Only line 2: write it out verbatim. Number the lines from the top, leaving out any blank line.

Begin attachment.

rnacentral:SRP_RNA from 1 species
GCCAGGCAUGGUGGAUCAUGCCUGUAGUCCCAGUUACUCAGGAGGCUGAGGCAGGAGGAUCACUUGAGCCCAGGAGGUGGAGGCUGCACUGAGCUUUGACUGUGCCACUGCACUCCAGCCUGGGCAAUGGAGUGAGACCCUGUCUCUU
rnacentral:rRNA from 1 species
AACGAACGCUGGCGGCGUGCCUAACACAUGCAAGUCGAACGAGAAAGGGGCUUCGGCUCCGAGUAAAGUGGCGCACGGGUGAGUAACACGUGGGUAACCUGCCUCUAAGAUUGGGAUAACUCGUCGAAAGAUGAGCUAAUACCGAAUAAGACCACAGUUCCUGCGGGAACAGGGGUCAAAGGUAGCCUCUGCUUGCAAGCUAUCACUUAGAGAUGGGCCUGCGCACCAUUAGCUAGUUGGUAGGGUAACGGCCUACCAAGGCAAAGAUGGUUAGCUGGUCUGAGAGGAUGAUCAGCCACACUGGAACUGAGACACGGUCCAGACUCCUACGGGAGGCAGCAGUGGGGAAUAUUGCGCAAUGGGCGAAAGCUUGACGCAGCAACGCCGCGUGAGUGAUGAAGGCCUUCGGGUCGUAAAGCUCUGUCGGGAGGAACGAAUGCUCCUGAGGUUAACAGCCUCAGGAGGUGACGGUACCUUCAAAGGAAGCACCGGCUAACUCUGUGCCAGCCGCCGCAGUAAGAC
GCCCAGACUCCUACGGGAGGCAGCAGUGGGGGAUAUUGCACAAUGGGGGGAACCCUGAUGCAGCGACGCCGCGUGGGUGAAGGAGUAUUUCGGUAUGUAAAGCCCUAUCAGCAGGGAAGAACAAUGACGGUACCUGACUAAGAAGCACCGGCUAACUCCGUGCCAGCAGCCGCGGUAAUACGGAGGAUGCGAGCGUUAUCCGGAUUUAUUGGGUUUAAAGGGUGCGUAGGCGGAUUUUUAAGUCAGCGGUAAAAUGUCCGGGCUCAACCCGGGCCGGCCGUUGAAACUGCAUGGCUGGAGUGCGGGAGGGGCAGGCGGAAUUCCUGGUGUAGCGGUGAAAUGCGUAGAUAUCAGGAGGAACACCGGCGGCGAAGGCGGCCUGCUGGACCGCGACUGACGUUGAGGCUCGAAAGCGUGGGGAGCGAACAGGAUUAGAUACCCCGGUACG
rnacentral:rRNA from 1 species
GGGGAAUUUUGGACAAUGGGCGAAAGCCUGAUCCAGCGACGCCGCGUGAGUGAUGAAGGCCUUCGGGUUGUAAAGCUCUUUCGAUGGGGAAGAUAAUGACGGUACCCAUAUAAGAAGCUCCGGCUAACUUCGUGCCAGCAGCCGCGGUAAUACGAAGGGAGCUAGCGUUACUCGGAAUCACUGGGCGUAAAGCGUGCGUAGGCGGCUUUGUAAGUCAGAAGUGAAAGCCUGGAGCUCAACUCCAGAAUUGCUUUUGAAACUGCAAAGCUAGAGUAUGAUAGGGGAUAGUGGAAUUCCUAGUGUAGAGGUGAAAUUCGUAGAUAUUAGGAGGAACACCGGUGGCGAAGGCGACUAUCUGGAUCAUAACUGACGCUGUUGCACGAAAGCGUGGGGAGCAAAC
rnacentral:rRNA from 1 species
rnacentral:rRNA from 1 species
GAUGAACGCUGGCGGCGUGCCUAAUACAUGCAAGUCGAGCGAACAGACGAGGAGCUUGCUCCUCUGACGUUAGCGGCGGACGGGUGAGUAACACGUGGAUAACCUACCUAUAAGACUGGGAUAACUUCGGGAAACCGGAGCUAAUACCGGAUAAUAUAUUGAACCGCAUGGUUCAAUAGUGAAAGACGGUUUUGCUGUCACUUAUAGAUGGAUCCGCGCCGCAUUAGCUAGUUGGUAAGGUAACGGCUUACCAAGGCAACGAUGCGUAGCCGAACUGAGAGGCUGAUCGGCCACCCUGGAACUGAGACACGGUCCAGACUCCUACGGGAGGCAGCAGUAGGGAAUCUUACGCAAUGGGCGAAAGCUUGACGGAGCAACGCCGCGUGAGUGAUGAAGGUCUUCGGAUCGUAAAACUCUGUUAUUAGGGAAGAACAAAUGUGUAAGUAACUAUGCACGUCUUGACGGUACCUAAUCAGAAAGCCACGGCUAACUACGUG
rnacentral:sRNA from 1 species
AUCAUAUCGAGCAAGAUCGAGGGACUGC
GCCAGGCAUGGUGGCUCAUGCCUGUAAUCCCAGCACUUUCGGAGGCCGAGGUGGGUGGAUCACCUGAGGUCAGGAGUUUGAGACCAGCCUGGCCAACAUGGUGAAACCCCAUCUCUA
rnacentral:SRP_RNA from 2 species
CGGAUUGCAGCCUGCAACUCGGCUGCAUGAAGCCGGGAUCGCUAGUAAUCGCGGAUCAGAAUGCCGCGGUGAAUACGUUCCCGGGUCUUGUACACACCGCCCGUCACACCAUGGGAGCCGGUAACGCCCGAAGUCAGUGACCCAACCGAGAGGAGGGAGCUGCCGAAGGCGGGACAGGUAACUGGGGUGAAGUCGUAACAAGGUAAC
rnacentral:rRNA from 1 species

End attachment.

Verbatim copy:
GCCAGGCAUGGUGGAUCAUGCCUGUAGUCCCAGUUACUCAGGAGGCUGAGGCAGGAGGAUCACUUGAGCCCAGGAGGUGGAGGCUGCACUGAGCUUUGACUGUGCCACUGCACUCCAGCCUGGGCAAUGGAGUGAGACCCUGUCUCUU